He chuckled from his side of the car and said in English: "It was decided that you should see the party hierarchy at play. They believe that you have ties to the uppermost echelons of your government, Petersholme -- the misguided souls hiding there who would rend the Aryan race into two parts and throw us into war with each other. The Reichsführer-SS and his advisers want to get Germany's message past your Jewish press to the ears which should hear it." He shrugged. "So -- tonight, you shall see us at play."
We rode in silence as the city about us became residential. Finally, we slowed along a dark stretch of roadway and turned onto a gravelled drive. I saw nothing but the outline of fir trees as we started along the drive. I was curious that we were come to such an out-of-the-way place but forced myself to relax as my host was doing.
Von Kys, however, knew me better than I thought. He chuckled. "The Reichsführer is known to like his privacy, Petersholme. This house and the properties on either side of it belonged to Jews under the old regime."
"And he bought them?"
Von Kys' laugh was a bark in the cabin of our car. "Whatever for? Jews are an inferior race. The new Germany does not allow for social miscegenation, Petersholme -- nor the possession of things of value by inferior races inside the Fatherland. The properties were confiscated under the racial purity laws Adolf Hitler gave us in 1935. The State gave them to Reichsführer Heinrich Himmler as a token of appreciation for his service to the party and to Germany."
"I see," I offered noncommittally. I didn't, but I thought it less than politic to voice my doubts in the very heart of this new Germany. I sat back and waited for us to reach Herr Himmler's racially purified house. I attempted to reconcile my very British concept of property rights with what I had just been told of the thousand year Reich's.
Anyone, regardless of race or religion, could own property anywhere in Britain. Both government and law protected a man's right to that possession. Even condemned criminals retained that right, their property passing on to their legal heirs after their execution.
British law also favoured no race or religion over another -- except in the matter of Royal succession. Of course, there were still some daft people who put biblical interpretations on race and religious relations but they were in no position to influence reality. We had done away with that more than a century ago.
I had to wonder if Bedlam had been let loose upon Germany when the people were not looking. And I wondered how my friend had come to accept such insanity; after all, von Kys had been schooled in England at one of our finest universities.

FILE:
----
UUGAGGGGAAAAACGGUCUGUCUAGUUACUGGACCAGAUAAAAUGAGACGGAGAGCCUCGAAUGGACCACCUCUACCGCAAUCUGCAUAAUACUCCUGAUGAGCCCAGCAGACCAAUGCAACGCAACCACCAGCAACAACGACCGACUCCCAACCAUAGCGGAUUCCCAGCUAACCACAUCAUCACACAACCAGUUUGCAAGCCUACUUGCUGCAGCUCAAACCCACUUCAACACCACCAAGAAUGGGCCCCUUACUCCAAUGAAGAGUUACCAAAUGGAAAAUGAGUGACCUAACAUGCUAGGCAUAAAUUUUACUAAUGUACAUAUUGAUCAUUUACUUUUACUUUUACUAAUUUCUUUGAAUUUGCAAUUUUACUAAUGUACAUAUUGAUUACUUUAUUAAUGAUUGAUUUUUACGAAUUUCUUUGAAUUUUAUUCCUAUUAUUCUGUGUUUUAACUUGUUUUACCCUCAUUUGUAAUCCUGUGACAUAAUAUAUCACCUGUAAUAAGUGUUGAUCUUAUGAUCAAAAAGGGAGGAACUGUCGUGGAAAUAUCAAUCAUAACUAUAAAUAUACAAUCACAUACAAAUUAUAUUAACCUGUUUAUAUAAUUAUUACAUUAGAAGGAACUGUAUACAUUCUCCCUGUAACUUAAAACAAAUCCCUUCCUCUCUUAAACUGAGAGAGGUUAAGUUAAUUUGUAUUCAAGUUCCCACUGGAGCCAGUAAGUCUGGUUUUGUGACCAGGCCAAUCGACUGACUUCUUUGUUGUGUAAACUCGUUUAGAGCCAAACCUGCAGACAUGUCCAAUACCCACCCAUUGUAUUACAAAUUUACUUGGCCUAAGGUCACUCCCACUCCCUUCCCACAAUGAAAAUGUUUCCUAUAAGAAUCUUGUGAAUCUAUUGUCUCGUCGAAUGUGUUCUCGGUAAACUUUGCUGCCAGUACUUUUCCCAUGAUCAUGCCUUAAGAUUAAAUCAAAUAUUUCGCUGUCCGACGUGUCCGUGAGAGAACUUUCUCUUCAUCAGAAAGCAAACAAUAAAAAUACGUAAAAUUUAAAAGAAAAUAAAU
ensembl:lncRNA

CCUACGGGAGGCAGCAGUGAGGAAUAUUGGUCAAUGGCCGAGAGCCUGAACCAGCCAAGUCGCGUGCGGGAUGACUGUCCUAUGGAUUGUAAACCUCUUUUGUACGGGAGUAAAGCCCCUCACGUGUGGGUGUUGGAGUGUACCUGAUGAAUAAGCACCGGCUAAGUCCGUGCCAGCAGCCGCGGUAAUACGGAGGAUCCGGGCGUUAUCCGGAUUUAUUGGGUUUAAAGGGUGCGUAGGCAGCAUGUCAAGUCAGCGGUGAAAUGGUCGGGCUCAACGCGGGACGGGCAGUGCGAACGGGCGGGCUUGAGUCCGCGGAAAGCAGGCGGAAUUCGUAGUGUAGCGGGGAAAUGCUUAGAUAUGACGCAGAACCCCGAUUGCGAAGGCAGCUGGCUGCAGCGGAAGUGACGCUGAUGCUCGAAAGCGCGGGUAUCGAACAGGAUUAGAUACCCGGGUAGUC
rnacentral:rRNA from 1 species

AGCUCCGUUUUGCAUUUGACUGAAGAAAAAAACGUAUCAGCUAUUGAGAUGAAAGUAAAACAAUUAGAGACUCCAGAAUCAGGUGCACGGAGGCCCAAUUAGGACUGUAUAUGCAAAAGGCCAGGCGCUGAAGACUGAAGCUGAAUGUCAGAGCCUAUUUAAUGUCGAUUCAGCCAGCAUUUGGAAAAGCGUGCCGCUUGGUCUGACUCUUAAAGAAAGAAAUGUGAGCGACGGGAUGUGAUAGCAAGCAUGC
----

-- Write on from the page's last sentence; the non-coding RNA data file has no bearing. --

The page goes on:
As our car rounded a bend in the drive, a manor every bit as large as Bellingham Hall came into view, garishly lighted by Klieg lamps against the twilight sky. I heard the music of Johan Strauss wafting towards us through the autumn woods. "We're here," von Kys said.
* * *
A short, plump, bespeckled ugly man wearing glasses in dress Waffen-SS uniform stood centred within the great hall. Von Kys marched the two of us directly up to him and, clicking his heels as he saluted, introduced me to Reichsführer Heinrich Himmler.
"Herr Baron Petersholme," Himmler greeted me, clicking his own heels together and bowing slightly, "we are honoured to have you visit our country." His accent was brutishly Bavarian and I remembered that he had been a chicken farmer before the Nazis were rich enough to pay him to keep order within the party's ranks.
"Thank you. It's my pleasure," I answered before von Kys could propel me past the little man. I consciously did not click my heels or bow to him as had my friend and I guessed would have been diplomatically proper. I still remembered the young lad shot before me at the railway station and knew enough of Nazi structures now to know that the Gestapo was an appendage of this man. I had every reason to suspect that I neither liked nor respected Heinrich Himmler.
Von Kys introduced me to his wife and I was more than slightly surprised. While Janus was handsome in a somewhat effete, yet aristocratic way, the Gräfin von Kys, to put it kindly, tended towards a bovine appearance. Large, limpid eyes stared out at me from a round face, her nose large and almost snout-ish. Her figure was decidedly Rubenesque, to put it gently. My first impression of her physically was that of a dour matron in a frumpy ball gown -- and definitely over-dressed from what I saw of the other women present. Even had my friend from university been a gigolo, I could not understand how he had ever come to be interested in the woman he had made his wife.